Here are five things you need to know this morning:

Apple fined US$2B for music app dominance: Apple Inc. was hit with a 1.8 billion euro fine by the European Union on Monday for using its market power to make it harder for rivals like Spotify to offer competing music streaming options on its devices. The larger-than-expected fine is the first to be handed out to Apple by the EU, but it’s not the tech giant’s first competition tussle on the continent, following a 2022 decision to mandate USB charging for all portable electronic devices. The music streaming fine announced Monday was sparked by a complaint nearly five years ago from Stockholm-based Spotify, which claimed it was forced to ramp up the price of its monthly subscriptions to cover costs associated with Apple’s alleged stranglehold on how the App Store operates. The fine is part of EU antitrust chief Margrethe Vestager’s campaign to dismantle Big Tech’s dominance in the bloc through fines and regulatory actions. By restricting developers from informing consumers about alternative cheaper options available, “Apple abused its dominant position in the market for the distribution of music streaming apps,” Vestager said. In a blog post, Apple says it will appeal the decision, and says the move will harm consumers because it “cements the dominant position” of Spotify in the music streaming business.

PDAC begins: The world’s mining industry gathers in Toronto today, with the Prospectors and Developers Association of Canada hosting its annual conference in the city through Tuesday. With more than 1,100 companies and tens of thousands of attendees, it’s not a stretch to suggest it’s one of the most important events of the year for an industry that’s critically important to Canada and the world. It goes without saying we’ll have extensive coverage and interviews with newsmakers today and tomorrow on the air and online at

OPEC keeps the oil taps tightened: The oil cartel known as OPEC is flexing its muscle again, with the group of oil producing nations announcing it will keep its spigots closed by 2.2 million barrels per day into the second quarter. OPEC had previously announced the cuts for the first quarter of this year, but the always-fractious group has found enough collaborative spirit to keep the cuts first announced last year going until June. More than half of the cuts will come from Saudi Arabia, which will turn off its taps by more than a million barrels a day. OPEC’s move had been buoyed by actions of non-OPEC member Russia, which has increasingly been working with the cartel, and has cut its own output by almost half a million barrels per day. The North American oil benchmark known as WTI is trading at just shy of US$80 per barrel on Monday, a level it touched on Friday after not having done so since November.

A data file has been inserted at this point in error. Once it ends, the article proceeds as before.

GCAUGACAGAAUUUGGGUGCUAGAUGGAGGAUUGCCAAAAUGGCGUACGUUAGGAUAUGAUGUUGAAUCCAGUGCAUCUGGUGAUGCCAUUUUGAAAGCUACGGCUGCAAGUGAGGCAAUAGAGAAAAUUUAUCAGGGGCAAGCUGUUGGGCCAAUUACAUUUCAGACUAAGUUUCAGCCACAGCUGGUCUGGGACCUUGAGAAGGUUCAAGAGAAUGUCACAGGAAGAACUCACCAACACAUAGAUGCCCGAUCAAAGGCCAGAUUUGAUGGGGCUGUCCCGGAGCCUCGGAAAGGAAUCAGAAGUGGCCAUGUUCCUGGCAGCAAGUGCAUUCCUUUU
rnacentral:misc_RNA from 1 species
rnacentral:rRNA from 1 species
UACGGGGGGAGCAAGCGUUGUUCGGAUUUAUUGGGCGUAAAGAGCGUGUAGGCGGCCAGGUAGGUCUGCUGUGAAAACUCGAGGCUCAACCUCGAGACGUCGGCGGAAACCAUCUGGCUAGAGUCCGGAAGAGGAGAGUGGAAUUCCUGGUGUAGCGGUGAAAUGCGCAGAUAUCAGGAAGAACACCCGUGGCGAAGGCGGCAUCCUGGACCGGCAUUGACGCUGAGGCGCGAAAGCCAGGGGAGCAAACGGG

Drama brewing at Parkland: The largest shareholder at Calgary-based gas station owner Parkland gave a clear signal of its displeasure at the company on Monday, with Simpson Oil saying it is pondering what to do next. Last week, Parkland said it is moving the date of its shareholder meeting to March 28 this year, up from the original plan of May. That may not sound like a big deal, but it’s a problem for Simpson, which owns 19 per cent of Parkland’s shares, because until the end of March, its hands are tied by the terms of a pre-existing agreement that prevents the company from either nominating its own board members, or opposing the board’s choice. Two Simpson-linked directors abruptly resigned from the company several weeks ago, fueling speculation that Simpson had something planned.  “Simpson Oil will evaluate and consider its ability to fully exercise and protect its shareholder rights,” the Cayman Islands-based firm said Sunday. 

TC Energy selling natgas distributor: TC Energy and its partners have agreed to sell Portland Natural Gas Transmission System to a consortium of buyers including BlackRock and Morgan Stanley for US$1.14 billion. A big part of that purchase price is the assumption of debt, but TC Energy will use its share of the proceeds from the sale of the 500-kilometre pipeline from Atlantic Canada to New England to shore up its debt-laden balance sheet.